OVERHEAD TRACTION Fracture of the supracondyle of humerus 14. (READY TO TRANSFER) TRACTIONS TYPES INDICATION 1. Tie the rope the rest splint. BALANCE SKELETAL TRACTION Fracture of hip and femur 2. For Congenital Hip Dislocation 4. vitamin c. calcium 5. HEAD HALTER TRACTION Fracture of the cervical spine 12. lift buttock c) Joint contractor and muscleatrophy • Active exercise (unaffected) • Isometric (affected) d) Constipation • Fluid intake • High roughage diet • Exercise • Offer bedpan e) Infection • Meticulous wound care REMOVAL 1) Attach the rest splint 2) Anchor the suspension weight to the pulley 3) Remove the suspension rope 4) Apply manual traction 5) Remove traction weight. COTREL TRACTION For Scoliosis 6. CRUTCHFIELD ONG Fracture of cervical spine 7.) Working pertinent observation COMPLICATION AND NURSING MANAGEMENT a) Hypostatic pneumonia Deep breathing Keep back dry b) Bed sore /decubitus ulcer Linen free from wrinkles/ creases Keep back dry. HALO-PELVIC TRACTION For Scoliosis (severe) 10. VINKE’S CALLIPER Fracture of the cervical spine 16.• Dorsiflexion and plantar flexion of leg 3. Thomas splint and Pearson’s attachment using the clove hitch knot. ZERO DEGREE TRACTION Fracture of the surgical humerus 17. HALO-FEMORAL TRACTION For Scoliosis 9. Stove in chest Multiple rib fractures 3 .) Meeting nutritional needs – protein. HAMMOCK SUSPENSION Fracture of the pelvis TRACTION 11. For Herniated nucleus Polposus 15.) Provide diversional activities –increase coping mechanics for boredom 4. PELVIC GIRDLE Fracture of the lumbar spine. 90 90 DEGREES Fracture of the subtrochanteric TRACTION 13. BUCK’S EXTENSION TRACTION Fracture of hip and femur 5. BRYANT TRACTION Fracture of hip and femur. BOOST CAST TRACTION Post polio with residual paralysis 3. DUNLOP TRACTION Fracture of the supracodylar of the humerus 8.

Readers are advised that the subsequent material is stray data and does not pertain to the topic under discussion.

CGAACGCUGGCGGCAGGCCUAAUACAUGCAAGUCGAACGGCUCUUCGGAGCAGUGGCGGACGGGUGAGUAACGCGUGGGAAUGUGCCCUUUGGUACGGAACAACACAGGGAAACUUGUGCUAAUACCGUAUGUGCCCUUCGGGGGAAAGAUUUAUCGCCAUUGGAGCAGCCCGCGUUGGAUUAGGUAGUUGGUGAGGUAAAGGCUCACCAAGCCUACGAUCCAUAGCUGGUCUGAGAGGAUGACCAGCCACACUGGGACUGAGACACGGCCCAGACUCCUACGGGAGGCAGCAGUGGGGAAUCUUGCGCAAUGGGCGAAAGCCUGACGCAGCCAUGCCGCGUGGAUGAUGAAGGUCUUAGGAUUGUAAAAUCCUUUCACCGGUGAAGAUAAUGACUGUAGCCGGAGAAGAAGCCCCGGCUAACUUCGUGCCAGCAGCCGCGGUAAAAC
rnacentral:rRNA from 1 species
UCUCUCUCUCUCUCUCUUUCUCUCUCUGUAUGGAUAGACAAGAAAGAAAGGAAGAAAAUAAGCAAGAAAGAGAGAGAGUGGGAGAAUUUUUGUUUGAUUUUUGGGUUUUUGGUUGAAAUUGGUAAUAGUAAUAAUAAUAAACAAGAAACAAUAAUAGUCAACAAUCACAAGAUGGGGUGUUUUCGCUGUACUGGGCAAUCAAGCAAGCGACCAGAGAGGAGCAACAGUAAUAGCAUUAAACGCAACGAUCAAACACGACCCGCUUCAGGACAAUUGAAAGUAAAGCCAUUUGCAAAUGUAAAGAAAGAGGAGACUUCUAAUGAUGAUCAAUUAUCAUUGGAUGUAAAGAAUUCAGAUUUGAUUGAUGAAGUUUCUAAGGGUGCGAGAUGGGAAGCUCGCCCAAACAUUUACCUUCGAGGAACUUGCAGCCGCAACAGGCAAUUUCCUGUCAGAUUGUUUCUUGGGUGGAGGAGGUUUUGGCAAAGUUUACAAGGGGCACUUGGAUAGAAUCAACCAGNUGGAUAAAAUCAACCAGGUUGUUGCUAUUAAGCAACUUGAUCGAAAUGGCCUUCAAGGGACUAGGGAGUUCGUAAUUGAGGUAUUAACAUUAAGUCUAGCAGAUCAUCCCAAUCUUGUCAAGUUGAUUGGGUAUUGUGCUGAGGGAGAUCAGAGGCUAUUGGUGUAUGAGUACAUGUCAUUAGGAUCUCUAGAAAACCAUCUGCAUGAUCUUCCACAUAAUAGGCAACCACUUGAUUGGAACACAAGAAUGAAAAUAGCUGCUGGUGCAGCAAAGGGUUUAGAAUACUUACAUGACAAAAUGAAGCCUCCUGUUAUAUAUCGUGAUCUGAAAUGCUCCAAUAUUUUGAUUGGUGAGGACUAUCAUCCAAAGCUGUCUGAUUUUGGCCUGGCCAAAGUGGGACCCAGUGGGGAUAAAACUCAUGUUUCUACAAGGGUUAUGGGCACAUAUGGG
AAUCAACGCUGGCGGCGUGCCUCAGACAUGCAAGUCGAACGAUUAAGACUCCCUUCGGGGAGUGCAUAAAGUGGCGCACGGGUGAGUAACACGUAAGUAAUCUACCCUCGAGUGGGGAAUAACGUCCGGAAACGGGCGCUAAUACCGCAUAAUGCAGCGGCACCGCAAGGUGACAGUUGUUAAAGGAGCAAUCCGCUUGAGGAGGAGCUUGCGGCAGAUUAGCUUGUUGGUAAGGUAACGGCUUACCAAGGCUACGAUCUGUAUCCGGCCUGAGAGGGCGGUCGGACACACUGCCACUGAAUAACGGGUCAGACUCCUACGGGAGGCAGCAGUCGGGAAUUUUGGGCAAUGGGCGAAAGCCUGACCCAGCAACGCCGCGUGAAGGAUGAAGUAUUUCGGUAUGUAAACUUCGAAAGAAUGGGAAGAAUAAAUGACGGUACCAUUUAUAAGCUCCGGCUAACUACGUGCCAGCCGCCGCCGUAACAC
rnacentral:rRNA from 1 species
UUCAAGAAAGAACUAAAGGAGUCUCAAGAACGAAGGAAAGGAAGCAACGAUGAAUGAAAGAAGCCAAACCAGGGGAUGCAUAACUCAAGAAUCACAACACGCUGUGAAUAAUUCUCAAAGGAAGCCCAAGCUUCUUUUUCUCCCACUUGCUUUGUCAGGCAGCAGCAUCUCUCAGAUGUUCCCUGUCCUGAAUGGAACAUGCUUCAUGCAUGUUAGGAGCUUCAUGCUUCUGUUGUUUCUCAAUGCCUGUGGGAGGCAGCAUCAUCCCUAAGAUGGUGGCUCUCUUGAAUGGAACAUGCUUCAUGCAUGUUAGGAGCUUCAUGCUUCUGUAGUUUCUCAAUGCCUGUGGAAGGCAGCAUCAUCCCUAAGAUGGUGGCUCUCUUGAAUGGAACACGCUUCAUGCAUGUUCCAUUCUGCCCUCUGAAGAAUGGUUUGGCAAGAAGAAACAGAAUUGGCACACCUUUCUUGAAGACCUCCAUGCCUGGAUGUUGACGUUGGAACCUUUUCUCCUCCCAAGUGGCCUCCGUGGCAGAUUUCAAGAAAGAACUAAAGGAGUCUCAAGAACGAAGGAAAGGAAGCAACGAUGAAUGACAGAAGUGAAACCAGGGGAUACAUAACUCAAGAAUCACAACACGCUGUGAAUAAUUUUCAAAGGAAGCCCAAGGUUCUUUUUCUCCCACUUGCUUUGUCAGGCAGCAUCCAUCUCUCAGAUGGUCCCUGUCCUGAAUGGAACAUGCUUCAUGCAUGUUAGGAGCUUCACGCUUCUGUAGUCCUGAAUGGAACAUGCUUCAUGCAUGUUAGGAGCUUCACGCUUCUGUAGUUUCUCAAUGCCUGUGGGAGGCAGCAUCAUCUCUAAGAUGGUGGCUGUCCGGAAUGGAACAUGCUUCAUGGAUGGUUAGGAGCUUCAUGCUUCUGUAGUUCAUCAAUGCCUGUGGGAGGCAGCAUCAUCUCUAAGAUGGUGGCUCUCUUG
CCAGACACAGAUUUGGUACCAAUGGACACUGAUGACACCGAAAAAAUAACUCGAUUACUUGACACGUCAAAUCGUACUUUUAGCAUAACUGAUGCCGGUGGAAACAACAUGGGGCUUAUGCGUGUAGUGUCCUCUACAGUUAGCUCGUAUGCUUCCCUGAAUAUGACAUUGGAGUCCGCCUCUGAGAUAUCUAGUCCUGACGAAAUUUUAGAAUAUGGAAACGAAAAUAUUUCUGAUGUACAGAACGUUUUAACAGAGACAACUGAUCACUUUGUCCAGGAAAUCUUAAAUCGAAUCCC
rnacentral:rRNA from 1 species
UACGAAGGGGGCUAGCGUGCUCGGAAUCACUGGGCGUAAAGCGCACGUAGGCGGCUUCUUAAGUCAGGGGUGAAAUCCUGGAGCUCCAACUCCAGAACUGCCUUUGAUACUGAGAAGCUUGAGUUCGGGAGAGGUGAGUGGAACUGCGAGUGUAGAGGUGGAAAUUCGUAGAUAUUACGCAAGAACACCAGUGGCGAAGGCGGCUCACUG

YAMAMOTO BRACE GADGETS HARDWARE TYPES INDICATOR Crutch field Tong Cervical Spine Circlage Wiring Patella Gigli saw For amputations Antibiotic bead Osteomyelitis X pinning/Y bone pinning Supracondylar fx of the humerus Roger Anderson External Fixator Comminuted fracture of long bones (RAEF) Total knee Arthroplasty (TKA) Tibial & Femoral components Degenerative joint disease (osteoarthritis) Harrington Rod Instrumentation Scoliosis Hybrid External Fixator Periarticular injuries such as your knee & ankle joints Ilizarov external Fixator Mal-union. Lumbo-sacral affection Prevention of wrist drop Club foot deformity Cervico-thoraco-lumbar spine affection Cervical spine affection Dorso-lumbar spine fracture Upper spine fracture Scoliosis Peripheral nerve injury Cervical spine affection (thick) Cervical spine affection (soft) Post polio with residual paralysis scoliosis 7. Immobilization – Traction. bone loss & bone lengthening Total replacement Hip Arthroplasty Femoral head. Rehabilitation – restoration of function. cast 3. 4. SHANTZ COLLAR 14. brace. 5. 3. femoral neck including (TRHA) acetabulum Partial replacement Hip Prosthesis Femoral head and neck fracture (PRHP) Compression Hip screw Fixation Intertrochanteric fracture (CHSF) Tower/Interdental Wiring Fracture of mandible Intramedullary Nailing Fracture middle 3rd femur Tibidal Femural component Degenerative uses T-plate or buttress planting Proximal tibia Planting with Screw Radius ulna fracture Hoffmann external fixator Fracture of pelvis Spacer antibiotic Infected hip prosthesis Delta frame Periarticular injuries such as your knee & ankle joints 3 PRINCIPLES IN MANAGEMENT OF FRACTURE: 1. Physical Therapy exercise OT & Surgery 4 . FOUR POSTER BRACE 8. MILWAUKEE BRACE 11. PHILADELPHIA COLLAR 13.BRACES 1. TYPES BANJO SPLINT BILATERAL LEG BRACE CHAIR BACK BRACE COCKED-UP SPLINT DENNIS BROWN SPLINT FORESTER BRACE INDICATOR Peripehral nerve injury Post polio with residual paralysis. KNIGHT/TAYLOR BRACE 10. Close or Open Surgery – reduction 2. JEWETTE BRACE 9. UNILATERAL LEG BRACE 15. 6. OPPEN HEIMER SPLINT/LIVELY FINGER 12. 2.